Getting their finances in order is Americans’ top goal for 2020, according to new research.

But that’s not the only thing they’re hoping to accomplish — a new survey of 2,000 Americans found other goals included getting out of debt (35 percent) and becoming more organized (34 percent).

And a third of respondents will try to buy a home this coming year.

Conducted by OnePoll in conjunction with, the survey examined respondents’ aspirations for the 2020 and uncovered 55 percent have a house-related goal.


Of those with a goal for their home, a whopping 58 percent would like to upgrade their appliances while a further 53 percent hope to install smart home technology in their humble abodes.

But that’s not all Americans plan on doing in their homes in the new year. Other house-related goals people have include redecorating their space (51 percent), remodeling at least one room in their home (47 percent) and entertaining outdoors (41 percent).

In addition, 41 percent hope to fix a leaky roof in 2020 while a further 37 percent hope to buy a new home with more space in the new year.

However, it’s not just house-related goals that Americans have for 2020. Twenty-one percent plan on learning a new skill in the upcoming new year while another 28 percent hope to exercise more in the new year.

And it looks like Americans are finally ready to commit to their goals, as a staggering 84 percent of those surveyed think 2020 is their year to finally accomplish the goals they’ve set for themselves.

Unfortunately, there are still obstacles people will face. The biggest hurdle for Americans? Money. Fifty-eight percent reveal money to be a massive challenge when trying to reach a goal.

Other obstacles Americans face in their attempts to accomplish their goals include: willpower (48 percent), motivation (45 percent) and proper research (35 percent).

“Finding the motivation and resources to tackle your 2020 home-related goals can be challenging,” said Patty McNease, vice president of brand marketing for “Start with the right tools, like’s How To section that answers everything about buying, selling, refinancing and more and’s blog, a one-stop resource packed with home-related tips.”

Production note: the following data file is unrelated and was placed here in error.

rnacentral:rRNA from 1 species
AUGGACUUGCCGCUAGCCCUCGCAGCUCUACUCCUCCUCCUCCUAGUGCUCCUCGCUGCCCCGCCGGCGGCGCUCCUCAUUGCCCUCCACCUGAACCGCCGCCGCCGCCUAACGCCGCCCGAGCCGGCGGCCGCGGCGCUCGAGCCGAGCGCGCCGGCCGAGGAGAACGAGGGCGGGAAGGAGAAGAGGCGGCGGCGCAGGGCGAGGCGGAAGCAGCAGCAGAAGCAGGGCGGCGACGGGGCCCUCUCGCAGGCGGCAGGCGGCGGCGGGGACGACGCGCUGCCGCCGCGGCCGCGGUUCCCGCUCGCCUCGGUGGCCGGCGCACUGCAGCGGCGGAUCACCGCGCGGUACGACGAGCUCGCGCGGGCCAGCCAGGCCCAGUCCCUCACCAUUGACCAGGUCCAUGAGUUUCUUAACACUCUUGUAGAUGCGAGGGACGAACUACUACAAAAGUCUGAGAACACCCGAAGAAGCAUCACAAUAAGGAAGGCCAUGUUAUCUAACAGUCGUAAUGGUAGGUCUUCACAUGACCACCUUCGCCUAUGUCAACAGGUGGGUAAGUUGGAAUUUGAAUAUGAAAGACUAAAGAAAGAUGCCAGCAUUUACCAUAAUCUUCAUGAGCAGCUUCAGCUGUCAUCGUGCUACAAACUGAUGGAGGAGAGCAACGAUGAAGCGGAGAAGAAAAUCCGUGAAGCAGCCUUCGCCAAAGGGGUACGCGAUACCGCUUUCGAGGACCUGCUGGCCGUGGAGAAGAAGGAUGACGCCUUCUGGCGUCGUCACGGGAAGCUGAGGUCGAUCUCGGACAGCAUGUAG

Having high hopes for the new year can be helpful and serve as motivation, but what happens when people don’t meet their goals? Seventy-eight percent reveal they tend to feel guilty whenever they don’t meet a goal they’ve set for themselves.

It’s also why people tend to worry about setting themselves up for failure when creating their new year’s goals. In fact, a mighty 87 percent worry about setting themselves up for failure when they create their new year’s goals — with a third always worrying about this conundrum.

When it comes to worries, Americans have been burned in 2019 — suffering from at least one “home nightmare” last year.

Busted pipes (33 percent) was the leading home nightmare people experienced.

But not all the “home nightmares” actually dealt with the structure itself. A third (33 percent) had the misfortune of having a terrible landlord while a further 31 percent found themselves embroiled in arguments with their neighbor.

Despite the worries and nightmarish experiences 2019 brought, 76 percent are optimistic that 2020 will be their best year so far.

“Home buying at the start of this decade continues to look like a wise investment,” said McNease. “With home prices expected to grow at a modest pace and interest rates predicted to stay near the record lows of 2019, now is the perfect time to start your search for a new home!”

Top 20 goals for 2020

  1. Get finances in order
  2. Get out of debt
  3. Learn something new
  4. Get more organized
  5. Buy a new home
  6. Exercise more
  7. Spend more time with friends and family
  8. Travel more
  9. Do something nice for myself
  10. Learn a new skill
  11. Buy a new car
  12. Lose weight
  13. Volunteer more often
  14. Disconnect from technology
  15. Remodel my home
  16. Quit my vices
  17. Redecorate my home
  18. Cook more frequently
  19. Organize closet
  20. Bring a pet into the family